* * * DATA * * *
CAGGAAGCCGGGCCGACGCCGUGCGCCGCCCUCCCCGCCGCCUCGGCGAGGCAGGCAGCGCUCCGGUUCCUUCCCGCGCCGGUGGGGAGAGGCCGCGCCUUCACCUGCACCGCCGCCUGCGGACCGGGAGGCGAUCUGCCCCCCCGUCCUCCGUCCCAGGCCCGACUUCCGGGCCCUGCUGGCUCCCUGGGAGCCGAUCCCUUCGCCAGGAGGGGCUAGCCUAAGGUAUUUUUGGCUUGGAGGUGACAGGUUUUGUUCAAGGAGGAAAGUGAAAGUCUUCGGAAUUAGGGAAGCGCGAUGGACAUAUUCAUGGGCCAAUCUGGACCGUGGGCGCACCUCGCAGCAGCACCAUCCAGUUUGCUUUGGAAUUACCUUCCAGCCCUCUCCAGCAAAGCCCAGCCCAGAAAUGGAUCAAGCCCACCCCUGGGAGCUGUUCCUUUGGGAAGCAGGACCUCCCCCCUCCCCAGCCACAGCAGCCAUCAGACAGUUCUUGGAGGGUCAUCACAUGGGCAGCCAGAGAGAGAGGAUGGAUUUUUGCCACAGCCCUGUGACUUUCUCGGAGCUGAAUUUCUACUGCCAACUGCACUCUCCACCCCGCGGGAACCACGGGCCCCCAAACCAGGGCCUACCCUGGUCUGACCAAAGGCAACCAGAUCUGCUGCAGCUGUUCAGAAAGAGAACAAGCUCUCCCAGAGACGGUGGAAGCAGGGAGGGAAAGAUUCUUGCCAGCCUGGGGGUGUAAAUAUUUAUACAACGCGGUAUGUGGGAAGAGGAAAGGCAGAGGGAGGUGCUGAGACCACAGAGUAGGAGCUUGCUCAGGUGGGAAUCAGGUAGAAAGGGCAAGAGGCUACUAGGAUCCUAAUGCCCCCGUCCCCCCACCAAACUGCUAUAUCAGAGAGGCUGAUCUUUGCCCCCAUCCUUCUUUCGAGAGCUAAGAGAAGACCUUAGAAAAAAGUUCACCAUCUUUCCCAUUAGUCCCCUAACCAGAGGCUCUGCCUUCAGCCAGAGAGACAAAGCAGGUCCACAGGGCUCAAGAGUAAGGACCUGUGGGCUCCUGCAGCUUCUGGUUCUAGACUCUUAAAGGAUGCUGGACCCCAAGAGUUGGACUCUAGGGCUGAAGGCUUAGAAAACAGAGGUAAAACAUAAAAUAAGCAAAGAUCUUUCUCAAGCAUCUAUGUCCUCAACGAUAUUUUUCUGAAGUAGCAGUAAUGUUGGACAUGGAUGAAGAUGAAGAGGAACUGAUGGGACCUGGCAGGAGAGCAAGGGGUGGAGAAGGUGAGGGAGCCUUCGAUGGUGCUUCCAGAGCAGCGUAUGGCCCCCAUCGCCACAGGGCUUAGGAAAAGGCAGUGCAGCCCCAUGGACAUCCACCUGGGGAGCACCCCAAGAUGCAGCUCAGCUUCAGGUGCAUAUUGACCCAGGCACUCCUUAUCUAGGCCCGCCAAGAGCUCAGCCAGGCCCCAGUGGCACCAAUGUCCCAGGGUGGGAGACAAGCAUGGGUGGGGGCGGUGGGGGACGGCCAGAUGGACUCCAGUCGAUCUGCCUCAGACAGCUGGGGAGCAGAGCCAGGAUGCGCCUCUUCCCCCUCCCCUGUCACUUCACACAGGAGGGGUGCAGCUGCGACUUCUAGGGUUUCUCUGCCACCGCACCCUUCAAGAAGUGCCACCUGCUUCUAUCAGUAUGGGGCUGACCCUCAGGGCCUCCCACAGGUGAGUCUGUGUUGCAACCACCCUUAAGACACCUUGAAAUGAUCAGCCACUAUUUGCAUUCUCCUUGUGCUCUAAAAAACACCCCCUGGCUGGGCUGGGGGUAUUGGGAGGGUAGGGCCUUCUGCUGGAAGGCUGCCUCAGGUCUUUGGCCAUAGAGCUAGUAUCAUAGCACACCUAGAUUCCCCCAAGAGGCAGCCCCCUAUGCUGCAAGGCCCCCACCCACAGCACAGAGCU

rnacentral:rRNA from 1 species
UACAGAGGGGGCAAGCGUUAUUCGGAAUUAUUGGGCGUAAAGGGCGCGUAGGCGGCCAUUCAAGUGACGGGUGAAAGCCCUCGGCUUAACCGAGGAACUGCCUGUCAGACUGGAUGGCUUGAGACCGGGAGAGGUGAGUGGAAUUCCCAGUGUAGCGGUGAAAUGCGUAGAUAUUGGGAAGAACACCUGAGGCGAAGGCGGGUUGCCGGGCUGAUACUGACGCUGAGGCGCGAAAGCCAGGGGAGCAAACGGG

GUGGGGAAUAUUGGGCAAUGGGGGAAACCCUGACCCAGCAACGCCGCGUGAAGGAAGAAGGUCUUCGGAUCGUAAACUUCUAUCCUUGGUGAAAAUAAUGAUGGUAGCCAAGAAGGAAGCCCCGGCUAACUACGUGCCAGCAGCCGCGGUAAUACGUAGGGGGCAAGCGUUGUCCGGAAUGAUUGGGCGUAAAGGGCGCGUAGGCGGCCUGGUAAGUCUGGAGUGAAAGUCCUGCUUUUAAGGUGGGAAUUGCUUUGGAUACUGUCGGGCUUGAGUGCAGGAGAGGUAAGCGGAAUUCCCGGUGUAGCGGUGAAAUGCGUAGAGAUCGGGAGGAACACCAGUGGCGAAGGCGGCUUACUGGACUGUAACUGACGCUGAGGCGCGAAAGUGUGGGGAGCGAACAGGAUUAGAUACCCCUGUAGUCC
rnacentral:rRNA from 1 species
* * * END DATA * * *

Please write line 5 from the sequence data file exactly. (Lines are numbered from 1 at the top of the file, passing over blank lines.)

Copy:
rnacentral:rRNA from 1 species